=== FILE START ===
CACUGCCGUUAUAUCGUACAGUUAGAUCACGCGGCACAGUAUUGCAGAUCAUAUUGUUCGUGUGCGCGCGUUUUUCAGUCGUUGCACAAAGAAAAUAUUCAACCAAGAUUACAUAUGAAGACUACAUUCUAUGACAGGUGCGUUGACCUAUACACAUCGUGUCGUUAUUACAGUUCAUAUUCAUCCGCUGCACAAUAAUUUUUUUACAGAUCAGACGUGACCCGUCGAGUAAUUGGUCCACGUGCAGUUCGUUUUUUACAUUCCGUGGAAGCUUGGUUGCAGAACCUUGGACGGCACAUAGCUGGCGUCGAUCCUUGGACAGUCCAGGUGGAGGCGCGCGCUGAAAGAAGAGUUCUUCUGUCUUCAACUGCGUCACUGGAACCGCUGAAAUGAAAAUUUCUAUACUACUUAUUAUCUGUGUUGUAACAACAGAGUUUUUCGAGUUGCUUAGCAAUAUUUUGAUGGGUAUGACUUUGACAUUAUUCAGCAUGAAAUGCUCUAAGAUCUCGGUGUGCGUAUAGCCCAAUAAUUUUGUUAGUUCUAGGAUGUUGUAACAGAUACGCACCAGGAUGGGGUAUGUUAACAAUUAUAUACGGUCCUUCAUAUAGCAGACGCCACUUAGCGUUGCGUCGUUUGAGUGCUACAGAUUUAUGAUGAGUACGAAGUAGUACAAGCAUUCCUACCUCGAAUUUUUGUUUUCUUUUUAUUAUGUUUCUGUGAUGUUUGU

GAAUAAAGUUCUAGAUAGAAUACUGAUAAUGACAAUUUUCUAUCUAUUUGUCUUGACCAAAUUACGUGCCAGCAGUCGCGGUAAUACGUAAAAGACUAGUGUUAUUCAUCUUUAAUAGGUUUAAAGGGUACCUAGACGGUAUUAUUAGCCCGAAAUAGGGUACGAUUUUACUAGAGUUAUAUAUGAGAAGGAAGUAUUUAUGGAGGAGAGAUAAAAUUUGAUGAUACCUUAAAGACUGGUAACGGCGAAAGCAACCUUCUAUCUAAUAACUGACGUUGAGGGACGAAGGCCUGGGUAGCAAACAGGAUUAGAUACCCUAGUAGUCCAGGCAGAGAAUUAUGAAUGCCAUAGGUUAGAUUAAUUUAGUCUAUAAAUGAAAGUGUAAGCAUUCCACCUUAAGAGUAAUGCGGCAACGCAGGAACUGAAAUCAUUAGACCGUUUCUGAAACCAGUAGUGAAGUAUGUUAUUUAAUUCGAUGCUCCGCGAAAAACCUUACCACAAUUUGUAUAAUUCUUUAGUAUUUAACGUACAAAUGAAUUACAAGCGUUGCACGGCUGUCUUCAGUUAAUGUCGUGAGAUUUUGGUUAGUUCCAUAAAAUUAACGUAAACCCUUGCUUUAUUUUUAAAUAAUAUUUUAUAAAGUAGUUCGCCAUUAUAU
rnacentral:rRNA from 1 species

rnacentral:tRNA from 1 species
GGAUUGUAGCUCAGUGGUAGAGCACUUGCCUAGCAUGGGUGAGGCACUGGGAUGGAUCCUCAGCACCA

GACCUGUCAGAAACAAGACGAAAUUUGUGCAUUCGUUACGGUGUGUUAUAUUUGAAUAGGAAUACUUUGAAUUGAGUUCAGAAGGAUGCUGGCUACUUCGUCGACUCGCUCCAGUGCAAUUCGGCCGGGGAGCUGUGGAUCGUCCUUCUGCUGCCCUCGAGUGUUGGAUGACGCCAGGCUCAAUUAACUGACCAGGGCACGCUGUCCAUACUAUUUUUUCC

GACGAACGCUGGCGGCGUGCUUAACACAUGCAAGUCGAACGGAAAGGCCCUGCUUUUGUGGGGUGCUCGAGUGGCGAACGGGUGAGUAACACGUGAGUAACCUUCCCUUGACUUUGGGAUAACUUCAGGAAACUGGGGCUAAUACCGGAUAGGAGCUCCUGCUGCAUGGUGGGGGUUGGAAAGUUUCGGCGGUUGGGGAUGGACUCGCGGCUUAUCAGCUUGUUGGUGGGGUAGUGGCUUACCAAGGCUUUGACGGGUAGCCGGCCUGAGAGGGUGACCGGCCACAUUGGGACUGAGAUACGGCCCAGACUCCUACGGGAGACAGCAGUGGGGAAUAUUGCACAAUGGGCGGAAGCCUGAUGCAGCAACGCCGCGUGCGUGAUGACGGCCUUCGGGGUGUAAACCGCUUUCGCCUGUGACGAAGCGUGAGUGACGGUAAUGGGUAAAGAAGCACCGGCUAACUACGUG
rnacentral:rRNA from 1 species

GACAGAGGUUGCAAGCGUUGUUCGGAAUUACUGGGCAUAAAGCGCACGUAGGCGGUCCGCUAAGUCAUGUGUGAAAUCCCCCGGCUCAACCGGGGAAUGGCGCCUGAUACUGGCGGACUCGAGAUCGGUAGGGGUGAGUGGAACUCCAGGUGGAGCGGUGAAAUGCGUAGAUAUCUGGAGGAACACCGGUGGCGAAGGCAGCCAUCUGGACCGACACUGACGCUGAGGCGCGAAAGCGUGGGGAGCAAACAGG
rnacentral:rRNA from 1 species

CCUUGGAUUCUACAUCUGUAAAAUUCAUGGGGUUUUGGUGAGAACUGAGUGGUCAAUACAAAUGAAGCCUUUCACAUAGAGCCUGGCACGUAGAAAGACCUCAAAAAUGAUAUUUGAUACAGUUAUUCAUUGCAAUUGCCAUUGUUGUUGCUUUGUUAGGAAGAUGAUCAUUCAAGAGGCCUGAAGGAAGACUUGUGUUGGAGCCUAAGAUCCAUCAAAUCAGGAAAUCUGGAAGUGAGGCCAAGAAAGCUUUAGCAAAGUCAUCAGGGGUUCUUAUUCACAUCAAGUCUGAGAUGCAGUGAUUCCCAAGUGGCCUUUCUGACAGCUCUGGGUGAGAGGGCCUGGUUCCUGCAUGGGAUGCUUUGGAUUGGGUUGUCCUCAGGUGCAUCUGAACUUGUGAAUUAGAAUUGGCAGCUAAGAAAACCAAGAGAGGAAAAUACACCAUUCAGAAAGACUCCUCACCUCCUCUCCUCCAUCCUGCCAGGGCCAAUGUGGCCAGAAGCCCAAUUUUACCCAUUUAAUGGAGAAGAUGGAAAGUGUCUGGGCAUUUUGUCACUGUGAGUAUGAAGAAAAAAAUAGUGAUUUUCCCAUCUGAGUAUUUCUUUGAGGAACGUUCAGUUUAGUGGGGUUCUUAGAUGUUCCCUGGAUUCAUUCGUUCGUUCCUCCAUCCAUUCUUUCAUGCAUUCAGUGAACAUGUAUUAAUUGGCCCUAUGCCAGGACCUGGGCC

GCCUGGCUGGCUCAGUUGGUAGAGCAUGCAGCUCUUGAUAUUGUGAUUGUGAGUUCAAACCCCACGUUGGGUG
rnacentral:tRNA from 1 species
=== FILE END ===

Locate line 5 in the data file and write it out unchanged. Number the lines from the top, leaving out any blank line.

GGAUUGUAGCUCAGUGGUAGAGCACUUGCCUAGCAUGGGUGAGGCACUGGGAUGGAUCCUCAGCACCA